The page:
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Too little, too late for the Burrup

The decision by the Minister for the Environment to give National Heritage listing to the rock art of the Burrup Peninsula and Dampier Archipelago is overdue, insufficient, and lacks courage.


Greens Senator Rachel Siewert, Labor's Dr Carmen Lawrence and Independent Peter Andren welcome the listing, but say:


"The Minister's belated decision to recognise the undisputed heritage values of the Dampier Archipelago and the Burrup Peninsula comes too late to stop the damage that has occurred, and is sadly framed to allow further damage. It would have taken uncommon courage for the Minister to protect the full scope of the Burrup art against the wishes of Woodside Energy. Unfortunately, he hasn't shown that courage."


"The Burrup petroglyphs form an organic cultural record that cannot be chopped up into bits and pieces, especially when the government has never bothered to fund a comprehensive scientific and historical survey of the artworks. What we do know is that the Burrup is 'a place of unparalleled artistic, cultural, religious and historical significance' as far as Australia is concerned, and that it is one of the most incredible continuous records of ancient human culture on the planet."


"At this point we call on Woodside Energy and the Western Australian government to go one better than the federal Minister, and to protect Australia's heritage by relocating the proposed Pluto gas plant to one of the perfectly adequate alternative sites that have been identified."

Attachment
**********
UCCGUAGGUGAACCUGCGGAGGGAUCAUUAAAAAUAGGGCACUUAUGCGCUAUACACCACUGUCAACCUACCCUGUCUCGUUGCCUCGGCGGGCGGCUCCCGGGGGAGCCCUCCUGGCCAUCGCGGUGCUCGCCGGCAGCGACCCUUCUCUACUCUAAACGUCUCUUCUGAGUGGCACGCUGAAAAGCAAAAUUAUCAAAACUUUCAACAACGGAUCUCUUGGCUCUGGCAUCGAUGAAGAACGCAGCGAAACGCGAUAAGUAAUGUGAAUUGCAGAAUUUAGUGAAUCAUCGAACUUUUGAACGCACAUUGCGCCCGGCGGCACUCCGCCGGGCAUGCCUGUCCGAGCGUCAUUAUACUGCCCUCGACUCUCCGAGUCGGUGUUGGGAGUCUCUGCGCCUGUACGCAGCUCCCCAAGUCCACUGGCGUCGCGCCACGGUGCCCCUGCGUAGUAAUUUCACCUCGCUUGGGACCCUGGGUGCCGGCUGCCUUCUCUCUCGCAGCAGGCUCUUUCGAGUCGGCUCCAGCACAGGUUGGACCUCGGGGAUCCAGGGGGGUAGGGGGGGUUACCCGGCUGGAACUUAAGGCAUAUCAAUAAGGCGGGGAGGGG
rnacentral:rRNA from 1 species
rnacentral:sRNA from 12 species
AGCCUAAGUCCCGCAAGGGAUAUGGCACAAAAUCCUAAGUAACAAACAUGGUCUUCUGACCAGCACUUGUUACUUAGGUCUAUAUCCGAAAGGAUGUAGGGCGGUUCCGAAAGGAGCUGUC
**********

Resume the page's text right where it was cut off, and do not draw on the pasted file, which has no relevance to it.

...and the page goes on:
The National Heritage listing has been framed to leave out two important sites (Pluto A and B) within the area so that Woodside's Pluto gas project can proceed. Site A has already been subject to the removal of petroglyphs, and the development of Site B will cause further damage.


The three parliamentarians previously sought an emergency listing of the Burrup (December 2006) when it became clear that Woodside's removal of rock art was imminent. Today's decision has been delayed and ultimately formulated in a way that fails to protect the organic value of the Burrup petroglyphs against a development that could easily have been situated elsewhere.

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